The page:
Larger, land-based fire-fighting planes could only reach the Amazon from Europe via a circuitous route over Greenland, North and Central America, which "would take an eternity", he said.
"Forest fires exist everywhere in the world and that can't be used as pretext for possible worldwide sanctions", he said in a rare televised speech that marked a departure from the dismissive tone of his previous statements. Brazil's powerful agriculture sector - a key supporter of Mr Bolsonaro - has expressed concerns over the president's rhetoric, fearing a boycott of their products in key markets. Literally. The Amazon rain forest - the lungs of our planet which produces 20% of our oxygen - is on fire.
Ricardo Mello, head of the World Wide Fund for Nature (WWF) Amazon Programme, said the fires were "a effect of the increase in deforestation seen in recent figures".
"With each hectare burned, we could be losing a plant or animal species that we didn't even know about", said Andre Guimaraes, director of the Amazon Environmental Research Institute. Many specifically questioned why he was focusing on an global forest fire when we have our own fires in Canada.
The EU ought to consider banning Brazilian beef unless it takes action on forest fires, Finland, the holder of the EU presidency, has said. This endangers wildlife and jeopardizes the livelihoods of millions.
As BBC reports, Brazil has seen a record number of forest fires already in 2019 - more than 75,000 have been recorded so far (as compared to 40,000 during the same period past year, which is still a lot).
Almost 40,000 fires are incinerating Brazil's Amazon rainforest, the latest outbreak in an overactive fire season that has charred 1,330 square miles of the rainforest this year.
On Wednesday, the smoke from the fires was so bad that it caused an hour-long blackout in Sao Paulo, located nearly 1,700 miles away.
"However, this capacity of the forest to absorb atmospheric Carbon dioxide is not infinite", says Celso Von Randow, a researcher at INPE's Earth System Science Center. It was the second consecutive month of increasing rainforest destruction.
Environmentalists are becoming increasingly concerned with his administration, accusing the government of encouraging deforestation and emboldening those who want to exploit the forest for commercial gain.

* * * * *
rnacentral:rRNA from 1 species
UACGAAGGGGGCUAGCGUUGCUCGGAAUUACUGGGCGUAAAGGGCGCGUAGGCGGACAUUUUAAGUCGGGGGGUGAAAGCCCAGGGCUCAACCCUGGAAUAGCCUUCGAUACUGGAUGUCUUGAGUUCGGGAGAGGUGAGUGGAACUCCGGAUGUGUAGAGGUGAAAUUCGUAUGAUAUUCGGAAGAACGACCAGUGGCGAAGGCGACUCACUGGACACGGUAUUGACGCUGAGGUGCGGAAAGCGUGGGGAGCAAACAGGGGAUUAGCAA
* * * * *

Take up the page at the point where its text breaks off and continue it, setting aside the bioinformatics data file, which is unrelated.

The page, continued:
"I have profound love and respect for the Amazon", Bolsonaro said. More than half are in the Amazon. This means that fire is a direct result of deforestation. Experts say the clearing of land during the months-long dry season to make way for crops or grazing has aggravated the problem. "It's likely that all of these forest fires are deliberately set by humans".
Moutinho, who has been working in the Amazon forests for almost 30 years, said fires are mostly set to clear land for farming, ranching, or logging, and they can easily get out of control, especially during the July-November dry season.
Paulo Moutinho, co-founder of the Amazon Environmental Research Institute, said this week that "it is very hard to have natural fires in the Amazon".
Bolsonaro said that the government is aware of Amazon fires and is taking actions to try to contain them. Without enough trees to create the rainfall needed by the forest, the longer and more pronounced dry season could turn more than half of the rainforest into a tropical savannah, they wrote previous year in the journal Science Advances.
Fire consumes the jungle near Porto Velho, Brazil. "This is not the case of 2019". Stung by the worldwide outcry, Brazil distributed a 12-page circular, exclusively seen by Reuters, to foreign embassies, outlining data and statistics defending the government's reputation on the environment. "The connection is evident". Issues relating to Brazil should not be discussed without the country at the table, Bolsonaro added.